Sunday, July 3, 2016


Legendary auteur and enfante terrible Michael Cimino has died.  He was seventy-seven.

Starting as a screenwriter, Cimino swiftly made his way up the ladder to Hollywood ascendance after his co-writing (with John Milius) of the Dirty Harry sequel Magnum Force led to his feature directorial debut, Thunderbolt & Lightfoot, starring Clint Eastwood and Jeff Bridges.  His second feature, the landmark Vietnam Era epic The Deer Hunter, won him the Oscars for Best Picture and Director.
A week later, Cimino began filming his follow-up epic, the Western drama Heaven’s Gate, the expense and box office failure of which would turn this “Michelangelo of cinema” into a Hollywood pariah.  If fellow directors like Friedkin and Coppola sank their careers with massively budgeted bombs likeSorcerer and One from the Heart, Cimino would be credited with nothing less than the bankrupting of United Artists studios.  Heaven’s Gate’s legendary production difficulties, at the expense of Cimino’s dictatorial demand for perfection, would effectively end the 70s era of “New Hollywood” directors allowed free reign to create visionary new masterworks.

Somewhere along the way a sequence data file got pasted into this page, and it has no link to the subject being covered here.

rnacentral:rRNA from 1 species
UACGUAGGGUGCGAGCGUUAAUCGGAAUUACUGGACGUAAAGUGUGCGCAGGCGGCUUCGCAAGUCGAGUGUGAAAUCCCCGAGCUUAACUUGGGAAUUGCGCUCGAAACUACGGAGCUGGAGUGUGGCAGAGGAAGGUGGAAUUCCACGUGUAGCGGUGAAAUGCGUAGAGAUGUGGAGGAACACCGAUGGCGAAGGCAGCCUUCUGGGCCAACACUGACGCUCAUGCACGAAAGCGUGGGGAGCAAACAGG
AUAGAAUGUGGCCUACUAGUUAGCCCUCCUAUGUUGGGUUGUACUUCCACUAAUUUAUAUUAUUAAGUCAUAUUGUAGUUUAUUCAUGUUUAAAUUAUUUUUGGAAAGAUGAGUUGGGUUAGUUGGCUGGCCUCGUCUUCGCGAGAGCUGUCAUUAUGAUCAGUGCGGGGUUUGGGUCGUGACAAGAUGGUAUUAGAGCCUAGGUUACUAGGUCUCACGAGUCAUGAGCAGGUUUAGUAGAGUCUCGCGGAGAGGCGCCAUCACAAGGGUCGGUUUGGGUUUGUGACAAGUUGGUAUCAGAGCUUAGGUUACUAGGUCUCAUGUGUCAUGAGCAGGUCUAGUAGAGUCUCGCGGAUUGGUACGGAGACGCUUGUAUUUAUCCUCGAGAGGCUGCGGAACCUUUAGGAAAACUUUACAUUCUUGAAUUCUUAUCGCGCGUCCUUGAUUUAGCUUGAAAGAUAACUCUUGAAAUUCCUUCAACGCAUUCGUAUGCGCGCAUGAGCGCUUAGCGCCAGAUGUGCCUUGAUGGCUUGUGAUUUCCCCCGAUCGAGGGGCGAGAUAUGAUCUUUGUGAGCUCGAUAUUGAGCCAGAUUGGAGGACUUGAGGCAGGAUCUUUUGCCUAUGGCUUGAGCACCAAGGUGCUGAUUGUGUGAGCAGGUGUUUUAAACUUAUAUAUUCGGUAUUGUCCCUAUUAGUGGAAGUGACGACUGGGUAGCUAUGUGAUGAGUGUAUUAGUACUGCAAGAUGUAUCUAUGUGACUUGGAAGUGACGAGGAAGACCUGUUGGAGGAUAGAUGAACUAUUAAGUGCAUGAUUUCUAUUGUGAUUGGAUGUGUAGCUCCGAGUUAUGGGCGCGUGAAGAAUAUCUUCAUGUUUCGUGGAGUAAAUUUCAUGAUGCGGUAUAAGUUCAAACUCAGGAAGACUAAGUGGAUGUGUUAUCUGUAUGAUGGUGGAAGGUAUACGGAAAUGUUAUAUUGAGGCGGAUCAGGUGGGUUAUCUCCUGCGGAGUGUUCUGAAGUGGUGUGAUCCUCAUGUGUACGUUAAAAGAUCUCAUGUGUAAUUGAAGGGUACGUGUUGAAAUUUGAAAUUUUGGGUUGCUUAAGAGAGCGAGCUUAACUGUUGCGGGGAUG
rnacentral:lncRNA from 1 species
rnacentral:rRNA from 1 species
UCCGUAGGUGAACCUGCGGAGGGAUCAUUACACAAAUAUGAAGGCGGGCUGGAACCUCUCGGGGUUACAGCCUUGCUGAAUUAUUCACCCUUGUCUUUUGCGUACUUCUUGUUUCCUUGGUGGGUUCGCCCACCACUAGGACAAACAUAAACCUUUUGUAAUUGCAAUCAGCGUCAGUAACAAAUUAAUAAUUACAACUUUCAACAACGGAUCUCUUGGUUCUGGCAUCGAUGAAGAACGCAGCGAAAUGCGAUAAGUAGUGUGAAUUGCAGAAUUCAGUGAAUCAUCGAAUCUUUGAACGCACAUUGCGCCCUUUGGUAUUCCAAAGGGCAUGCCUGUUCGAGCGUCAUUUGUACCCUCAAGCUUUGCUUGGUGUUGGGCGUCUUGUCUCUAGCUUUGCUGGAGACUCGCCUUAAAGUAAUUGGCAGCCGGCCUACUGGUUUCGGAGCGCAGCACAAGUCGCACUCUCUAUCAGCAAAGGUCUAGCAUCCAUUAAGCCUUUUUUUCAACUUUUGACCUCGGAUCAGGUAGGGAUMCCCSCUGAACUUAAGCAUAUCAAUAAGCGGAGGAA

Lambasted by critics, Heaven’s Gate is a “difficult”, elliptical, and very long film, obviously untrue to literal history, and also astonishingly beautiful in its pictorial splendor, breathtakingly elaborate pageantry, and profound melancholy.  It effectively bookends The Deer Hunter as a meditation on loyalty, the horror of violence, the spectral ravishment of Nature, the complexities of patriotism, and the devastating loss of friends and loved ones.
Read More:

No comments:

Post a Comment